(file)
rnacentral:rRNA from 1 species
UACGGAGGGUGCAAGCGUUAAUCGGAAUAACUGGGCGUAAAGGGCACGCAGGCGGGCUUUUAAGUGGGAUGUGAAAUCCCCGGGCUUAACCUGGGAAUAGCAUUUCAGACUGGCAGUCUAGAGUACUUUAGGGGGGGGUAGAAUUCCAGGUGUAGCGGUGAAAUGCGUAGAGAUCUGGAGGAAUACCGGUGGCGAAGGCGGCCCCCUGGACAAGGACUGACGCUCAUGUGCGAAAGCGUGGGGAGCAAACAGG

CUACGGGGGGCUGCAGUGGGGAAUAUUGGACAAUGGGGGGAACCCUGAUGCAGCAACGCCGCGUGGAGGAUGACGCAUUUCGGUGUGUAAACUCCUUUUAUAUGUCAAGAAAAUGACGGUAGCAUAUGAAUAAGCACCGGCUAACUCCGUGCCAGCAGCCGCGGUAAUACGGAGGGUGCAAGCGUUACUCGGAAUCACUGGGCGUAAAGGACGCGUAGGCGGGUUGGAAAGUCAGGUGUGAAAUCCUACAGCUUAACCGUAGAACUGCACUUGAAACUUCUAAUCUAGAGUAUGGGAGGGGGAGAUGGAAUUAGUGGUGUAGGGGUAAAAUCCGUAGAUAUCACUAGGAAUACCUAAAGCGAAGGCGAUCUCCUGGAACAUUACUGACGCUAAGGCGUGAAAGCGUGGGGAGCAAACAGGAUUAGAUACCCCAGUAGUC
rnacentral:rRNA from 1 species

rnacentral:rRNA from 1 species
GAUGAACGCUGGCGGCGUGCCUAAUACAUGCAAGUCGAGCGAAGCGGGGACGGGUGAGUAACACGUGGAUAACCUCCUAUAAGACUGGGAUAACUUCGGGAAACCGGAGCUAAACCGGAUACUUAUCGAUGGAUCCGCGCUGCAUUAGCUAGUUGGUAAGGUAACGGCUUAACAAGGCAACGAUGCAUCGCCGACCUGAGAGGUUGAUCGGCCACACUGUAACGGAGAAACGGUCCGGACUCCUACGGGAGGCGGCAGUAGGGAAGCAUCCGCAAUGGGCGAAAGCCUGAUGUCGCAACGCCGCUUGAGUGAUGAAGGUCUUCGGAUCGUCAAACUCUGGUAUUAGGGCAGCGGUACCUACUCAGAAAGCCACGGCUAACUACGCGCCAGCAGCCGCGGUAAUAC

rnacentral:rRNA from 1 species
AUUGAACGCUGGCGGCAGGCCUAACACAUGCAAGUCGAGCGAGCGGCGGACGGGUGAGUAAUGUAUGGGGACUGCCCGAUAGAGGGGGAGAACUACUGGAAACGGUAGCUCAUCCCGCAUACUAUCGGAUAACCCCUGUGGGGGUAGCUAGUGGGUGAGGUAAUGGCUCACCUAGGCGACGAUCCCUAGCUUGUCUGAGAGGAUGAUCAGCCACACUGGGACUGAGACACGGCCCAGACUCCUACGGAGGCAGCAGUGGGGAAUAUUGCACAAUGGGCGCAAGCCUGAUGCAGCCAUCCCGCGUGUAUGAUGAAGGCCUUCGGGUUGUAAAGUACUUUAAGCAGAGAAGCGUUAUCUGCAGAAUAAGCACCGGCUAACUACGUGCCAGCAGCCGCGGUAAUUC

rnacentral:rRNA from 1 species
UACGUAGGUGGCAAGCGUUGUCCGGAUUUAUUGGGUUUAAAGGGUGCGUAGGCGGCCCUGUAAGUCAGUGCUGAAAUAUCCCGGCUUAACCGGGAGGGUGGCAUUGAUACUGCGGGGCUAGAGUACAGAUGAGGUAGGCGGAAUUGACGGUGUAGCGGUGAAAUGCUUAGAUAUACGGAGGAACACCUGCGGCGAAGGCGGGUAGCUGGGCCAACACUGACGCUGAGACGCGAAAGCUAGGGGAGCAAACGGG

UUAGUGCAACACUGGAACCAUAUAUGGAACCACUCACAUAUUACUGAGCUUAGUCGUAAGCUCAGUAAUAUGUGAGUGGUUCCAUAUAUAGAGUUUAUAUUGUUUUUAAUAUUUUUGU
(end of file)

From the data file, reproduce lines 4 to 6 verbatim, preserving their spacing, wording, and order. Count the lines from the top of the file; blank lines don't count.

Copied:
rnacentral:rRNA from 1 species

rnacentral:rRNA from 1 species
GAUGAACGCUGGCGGCGUGCCUAAUACAUGCAAGUCGAGCGAAGCGGGGACGGGUGAGUAACACGUGGAUAACCUCCUAUAAGACUGGGAUAACUUCGGGAAACCGGAGCUAAACCGGAUACUUAUCGAUGGAUCCGCGCUGCAUUAGCUAGUUGGUAAGGUAACGGCUUAACAAGGCAACGAUGCAUCGCCGACCUGAGAGGUUGAUCGGCCACACUGUAACGGAGAAACGGUCCGGACUCCUACGGGAGGCGGCAGUAGGGAAGCAUCCGCAAUGGGCGAAAGCCUGAUGUCGCAACGCCGCUUGAGUGAUGAAGGUCUUCGGAUCGUCAAACUCUGGUAUUAGGGCAGCGGUACCUACUCAGAAAGCCACGGCUAACUACGCGCCAGCAGCCGCGGUAAUAC